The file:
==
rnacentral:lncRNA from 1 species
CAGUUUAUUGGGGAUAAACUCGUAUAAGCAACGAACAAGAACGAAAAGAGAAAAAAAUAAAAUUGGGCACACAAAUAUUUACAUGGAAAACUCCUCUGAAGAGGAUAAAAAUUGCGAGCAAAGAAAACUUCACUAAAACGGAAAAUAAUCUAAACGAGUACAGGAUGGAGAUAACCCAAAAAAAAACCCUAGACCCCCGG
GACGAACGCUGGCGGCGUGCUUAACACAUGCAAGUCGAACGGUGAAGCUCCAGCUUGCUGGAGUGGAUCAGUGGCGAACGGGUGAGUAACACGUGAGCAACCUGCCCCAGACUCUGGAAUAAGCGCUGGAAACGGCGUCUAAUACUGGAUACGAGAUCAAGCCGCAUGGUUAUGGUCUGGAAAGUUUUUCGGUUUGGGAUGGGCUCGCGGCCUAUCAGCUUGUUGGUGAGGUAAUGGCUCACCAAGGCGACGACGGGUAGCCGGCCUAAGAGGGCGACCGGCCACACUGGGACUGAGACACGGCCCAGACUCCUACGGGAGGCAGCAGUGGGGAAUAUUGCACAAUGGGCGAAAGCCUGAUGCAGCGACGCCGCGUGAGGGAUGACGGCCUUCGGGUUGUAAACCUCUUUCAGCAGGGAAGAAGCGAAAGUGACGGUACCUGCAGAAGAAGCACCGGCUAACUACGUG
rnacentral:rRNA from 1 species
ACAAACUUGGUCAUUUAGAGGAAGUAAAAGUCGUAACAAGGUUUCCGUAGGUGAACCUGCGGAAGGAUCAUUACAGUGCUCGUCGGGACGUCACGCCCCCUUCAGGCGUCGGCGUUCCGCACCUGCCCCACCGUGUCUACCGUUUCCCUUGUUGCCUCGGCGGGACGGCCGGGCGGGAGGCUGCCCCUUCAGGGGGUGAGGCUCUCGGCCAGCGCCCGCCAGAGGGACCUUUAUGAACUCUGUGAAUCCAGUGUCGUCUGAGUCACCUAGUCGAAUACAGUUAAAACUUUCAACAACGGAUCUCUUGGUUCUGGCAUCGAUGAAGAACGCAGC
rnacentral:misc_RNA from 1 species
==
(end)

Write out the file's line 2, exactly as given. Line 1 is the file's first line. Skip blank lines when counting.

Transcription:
CAGUUUAUUGGGGAUAAACUCGUAUAAGCAACGAACAAGAACGAAAAGAGAAAAAAAUAAAAUUGGGCACACAAAUAUUUACAUGGAAAACUCCUCUGAAGAGGAUAAAAAUUGCGAGCAAAGAAAACUUCACUAAAACGGAAAAUAAUCUAAACGAGUACAGGAUGGAGAUAACCCAAAAAAAAACCCUAGACCCCCGG